The pulses, including things like lentils, beans, peas and chickpeas:

  • can include any that are fresh, dried or tinned.
  • can’t include any that have had fat, oil, salt, sugar or flavouring added.

Free vitamin supplements

Free vitamin supplements for pregnant women and children aged up to 4 years oldThese free vitamin supplements are important for pregnant women, breastfeeding mums, babies and young children because many are deficient in them at this stage in their lives.

For children aged up to 4, they are in drop form and contain vitamin A, vitamin C and vitamin D. They are suitable for vegetarians and do not contain milk, eggs, gluten, soya or peanuts. Each bottle should last for 8 weeks. Note that children who are consuming 500ml per day of nutritionally complete formula milk do not need the additional vitamin supplements.

For pregnant women and nursing mums, the supplements are in tablet form and contain vitamin C, vitamin D and folic acid. They are suitable for vegetarians and vegans and do not contain colouring, flavouring or preservatives. They also contain no gluten, wheat, salt, egg or fish. Eligible mothers are supplied with 8 weeks’ worth of tablets at a time.

The vitamin supplements are distributed to stockists by the NHS and are ‘Healthy Start’ branded. Only this brand is available free under the Healthy Start scheme.

Eligibility

Families can save a little on their shopping bills with Healthy Start couponsIn order to be eligible for Healthy Start vouchers, you need:

  • to be 10 or more weeks’ pregnant and/or
  • to have 1 or more children under 4.

Eligibility also requires that you must* be in receipt of at least one of the following:

  • Income Support;
  • Income-based Jobseeker’s Allowance;
  • Income-related Employment & Support Allowance;
  • Pension Credit;
  • Universal Credit (only for families earning £408 each month, or less, from employment);
  • Working Tax Credit (only for families receiving the 4 week ‘run-on’ payment after they’ve stopped qualifying for it);
  • Child Tax Credit (only for families with an income of £16,190 or less per annum).
    * Except if you’re under 18.

How to apply for the vouchers

Currently, most people need to apply for Healthy Start vouchers, by filling in an application form. Download the application form here, print it out and fill it in. It will also need to be signed by your registered doctor, health visitor, midwife or health professional. Then it will need to be posted (free) to the following address:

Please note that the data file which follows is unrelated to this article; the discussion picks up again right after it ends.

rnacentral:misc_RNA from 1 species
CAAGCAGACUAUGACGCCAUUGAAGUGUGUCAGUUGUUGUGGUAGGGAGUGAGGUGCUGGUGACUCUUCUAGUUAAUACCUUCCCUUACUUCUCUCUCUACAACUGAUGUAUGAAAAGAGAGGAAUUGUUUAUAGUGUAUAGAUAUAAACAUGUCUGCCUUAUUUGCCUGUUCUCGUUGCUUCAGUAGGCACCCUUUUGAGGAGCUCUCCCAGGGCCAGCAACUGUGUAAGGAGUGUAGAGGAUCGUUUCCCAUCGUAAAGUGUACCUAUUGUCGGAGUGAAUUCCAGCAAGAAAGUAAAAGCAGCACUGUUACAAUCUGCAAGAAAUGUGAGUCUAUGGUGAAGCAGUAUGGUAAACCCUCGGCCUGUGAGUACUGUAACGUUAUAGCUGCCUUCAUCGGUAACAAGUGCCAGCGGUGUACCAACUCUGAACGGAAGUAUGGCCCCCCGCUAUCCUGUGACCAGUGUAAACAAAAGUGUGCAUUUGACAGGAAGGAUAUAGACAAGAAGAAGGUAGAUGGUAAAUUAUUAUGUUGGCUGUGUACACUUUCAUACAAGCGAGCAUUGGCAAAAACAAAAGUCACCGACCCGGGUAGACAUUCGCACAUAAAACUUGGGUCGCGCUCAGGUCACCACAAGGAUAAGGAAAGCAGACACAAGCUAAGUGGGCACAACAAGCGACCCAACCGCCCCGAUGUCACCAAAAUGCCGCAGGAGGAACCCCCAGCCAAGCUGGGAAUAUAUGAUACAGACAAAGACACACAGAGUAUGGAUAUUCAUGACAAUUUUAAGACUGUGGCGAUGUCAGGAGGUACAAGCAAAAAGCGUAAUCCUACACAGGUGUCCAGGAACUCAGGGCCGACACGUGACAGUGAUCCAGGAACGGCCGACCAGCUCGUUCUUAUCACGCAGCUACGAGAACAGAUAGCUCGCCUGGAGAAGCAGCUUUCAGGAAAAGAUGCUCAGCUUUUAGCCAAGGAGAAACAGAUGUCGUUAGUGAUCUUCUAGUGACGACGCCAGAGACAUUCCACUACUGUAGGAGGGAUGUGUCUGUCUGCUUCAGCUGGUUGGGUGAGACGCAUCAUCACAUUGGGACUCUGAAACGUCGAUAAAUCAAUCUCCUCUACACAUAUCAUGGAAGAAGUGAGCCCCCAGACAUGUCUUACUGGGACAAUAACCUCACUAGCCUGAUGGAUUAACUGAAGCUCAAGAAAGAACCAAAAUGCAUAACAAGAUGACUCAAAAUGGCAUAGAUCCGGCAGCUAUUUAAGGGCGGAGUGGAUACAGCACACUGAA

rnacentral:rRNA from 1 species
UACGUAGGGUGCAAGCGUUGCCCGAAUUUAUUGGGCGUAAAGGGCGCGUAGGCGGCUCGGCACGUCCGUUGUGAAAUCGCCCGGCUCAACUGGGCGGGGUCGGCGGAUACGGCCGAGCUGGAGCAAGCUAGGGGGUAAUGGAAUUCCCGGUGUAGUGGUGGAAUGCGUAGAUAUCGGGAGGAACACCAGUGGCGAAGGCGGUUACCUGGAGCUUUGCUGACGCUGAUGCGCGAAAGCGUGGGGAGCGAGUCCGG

The Healthy Start scheme means free food, milk & vitamins for families

Freepost RRTR-SYAE-JKCR
Healthy Start Issuing Unit
PO Box 1067
Warrington
WA55 1EG

Call the Healthy Start helpline if you have any queries (0345 607 6823).

Childcare services in Streatham, London SW16

We hope that this guide is useful to pregnant ladies and parents of babies or under-fives. We are an outstanding nursery in Streatham, London SW16, offering exceptionally high quality childcare services for babies, toddlers and preschoolers within this age group. If you’d like to learn more about our nursery, please call 020 8677 9675 or send us a message here. We’ll answer any questions and would be happy to book you in for a nursery visit if you are considering a nursery place here for your baby or child. We’re convenient for those looking for nurseries near Streatham Hill, Streatham Common, Streatham Park, Upper Tooting, Tooting Bec, Tooting Common, Furzedown & Balham.

The importance of sleep for babies and toddlers

A baby sleeping with older brother

We all know how detrimental a bad night’s sleep can can be to our general wellbeing. At the very least, it can make the following day a real struggle, perhaps make us feel irritable and certainly leave us underperforming. With this in mind, we thought we’d take a look at how sleep affects babies, toddlers and under-fives. It will be no surprise to hear that a good night’s sleep is even more important for the early years age group.

What are the benefits of a good night’s sleep to children?

Sleep has enormous benefits to the young and old and it has been the subject of many studies. Young children who get a decent night’s sleep are shown to:

  • be happier, have better moods and be more resilient;
  • have better attention spans;
  • be more alert;
  • have improved learning capacity and cognitive performance;
  • have better memory skills (e.g. improved vocabulary acquisition);
  • have improved development of motor skills;